Uncommon forms of insulin resistance with unusual root causes often hide in plain sight.
Learn how to detect and treat them, and you can have a profound positive impact on your patients’ lives, often saving them months, even years of frustration, said Heba Elnazer, MD, at the 2018 Integrative Healthcare Symposium.
“Almost anything can cause insulin resistance. It is not just overweight and obesity. Inflammation causes it, aging causes it, PCOS and high androgen states, pituitary tumors and high prolactin levels, chronic liver or kidney disease…. all of these things can lead to states of insulin resistance,” said Dr. Elnazer, director of the Revive Medical Center, a membership-based functional medicine practice in Al Qahirah, Egypt.
These other less obvious causes are easily overlooked, especially in today’s clinical world of 10-minute office visits and high volume practice. But even in holistic and functional medicine practices, clinicians can fall prey to a sort of tunnel vision that precludes them from seeing the problem in patients that don’t fit the typical “metabolic syndrome” profile.
In the simplest of terms, insulin resistance is a state in which a greater than normal amount of insulin is required to elicit a quantitatively normal response to a glucose load. Dr. Elnazer defined three subtypes, differentiated by the particular factors underlying the blunted insulin response.
Type A is characterized by defects of the insulin receptors themselves. In these cases, insulin binding is impaired, thus diminishing the transport of glucose.
Type B reflects autoimmune attack on the insulin receptors, via autoantibodies. The net result—attenuation of glucose absorption and hyperglycemia—is the same as in Type A, but the cause is different.
Type C is caused by defects of tyrosine kinase or glucose transport molecules. In these cases, the insulin receptors may be normal, and insulin binding proceeds properly, but the downstream intracellular signal is impaired.
To manage insulin resistance well, you need to figure out where in the signal chain the problem occurs, Dr. Elnazer told the IHS attendees. “If you don’t actively look for these types, you will likely miss them.”
Pre-receptor defects might reflect abnormal insulin mutations, abnormalities of insulin production, or the development of anti-insulin antibodies.
Receptor abnormalities may result from reduced numbers of insulin receptors, reduced insulin binding capacity, mutations resulting in abnormal receptor morphology, or autoantibodies to the otherwise normal receptors.
Post-receptor problems are related to defective signal transduction or mutations of the GLUT-4 (glucose transporter type 4) vesicles within the cells.
These distinctions may seem academic or theoretical, but Dr. Elnazer contends that they have great clinical significance, because they will affect a patient’s likelihood of responding to the most common treatment modalities.
The typical functional medicine approach–dietary changes (low glycemic index, low fructose, low carb, high vegetable intake), supplementation to enhance glucose metabolism and raise beneficial lipid and fatty acid levels, treatments aimed at lowering triglycerides–will usually work for simple, uncomplicated forms of insulin resistance.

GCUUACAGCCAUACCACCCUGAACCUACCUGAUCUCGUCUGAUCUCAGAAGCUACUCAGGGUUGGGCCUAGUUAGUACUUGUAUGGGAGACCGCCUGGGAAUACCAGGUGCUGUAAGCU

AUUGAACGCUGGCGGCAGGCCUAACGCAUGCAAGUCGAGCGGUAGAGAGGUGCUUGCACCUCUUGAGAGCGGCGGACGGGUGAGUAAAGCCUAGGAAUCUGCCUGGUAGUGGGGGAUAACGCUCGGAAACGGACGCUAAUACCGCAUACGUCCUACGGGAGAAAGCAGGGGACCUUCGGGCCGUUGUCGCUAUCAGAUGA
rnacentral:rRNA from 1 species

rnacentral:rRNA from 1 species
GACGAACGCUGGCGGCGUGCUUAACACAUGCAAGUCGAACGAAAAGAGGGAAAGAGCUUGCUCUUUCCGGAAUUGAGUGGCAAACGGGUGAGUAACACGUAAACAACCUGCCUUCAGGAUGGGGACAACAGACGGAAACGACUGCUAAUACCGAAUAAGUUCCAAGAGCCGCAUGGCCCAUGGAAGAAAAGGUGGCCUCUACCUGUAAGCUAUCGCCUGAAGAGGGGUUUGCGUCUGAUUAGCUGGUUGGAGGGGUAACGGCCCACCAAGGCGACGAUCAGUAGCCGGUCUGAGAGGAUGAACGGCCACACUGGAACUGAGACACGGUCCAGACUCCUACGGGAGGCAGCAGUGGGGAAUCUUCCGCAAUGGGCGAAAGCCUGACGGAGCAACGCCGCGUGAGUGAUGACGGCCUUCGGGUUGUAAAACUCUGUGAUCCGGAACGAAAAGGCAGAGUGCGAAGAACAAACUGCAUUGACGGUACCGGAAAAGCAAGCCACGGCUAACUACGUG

But it won’t work well for Type A or B, in which there are defects of the insulin receptors or there are autoantibodies to insulin.
IR in Normal Weight Patients
In contrast to the “classic” insulin resistance in an overweight person, people with Type A insulin resistance (characterized by receptor defects) are usually normal weight or even lean. This form disproportionately affects adolescent and young adult women. Roughly 3% have polycystic ovary syndrome or some other form of hyperandrogenism. In males, hypoglycemia may be the only manifestation.
Dr. Elnazer said that Type A is very easy to miss, because most clinicians are not cued to think about insulin resistance in lean people. And even in young women who show obvious signs of PCOS, many clinicians become narrowly focused on the hyperandrogenism and miss the insulin abnormalities.
Patients with Type B (anti-receptor antibodies) usually show signs of other autoimmune conditions such as lupus, Hashimoto’s thyroiditis, or rheumatoid arthritis. They are likely to be overweight or obese, with low fasting blood glucose levels but high hemoglobin A1c levels. They frequently experience episodes of hypoglycemia that range from mild to extreme.
Paradoxically, Type B is easy to miss as well. Because these patients are usually overweight, some physicians focus narrowly on that aspect of the condition and miss the autoimmune problem, especially if the patient is young and the autoimmune process is in a fairly early stage. With standard protocols, these patients might lose weight but the insulin resistance persists because the underlying driver—the autoimmune condition—remains unchecked.
The diagnostic picture is further complicated by the fact that there are many overlapping signs and symptoms common to both Type A and B: Sweating, tremors, fatigue, lightheadedness, and proneness to fainting.
Pay Attention to Prolactin
“Be on the lookout for prolactinomas,” Dr. Elnazer stressed. Prolactin-related issues should be high on your suspicion list in any patient who shows insulin resistance but does not fit the classic pattern of metabolic syndrome.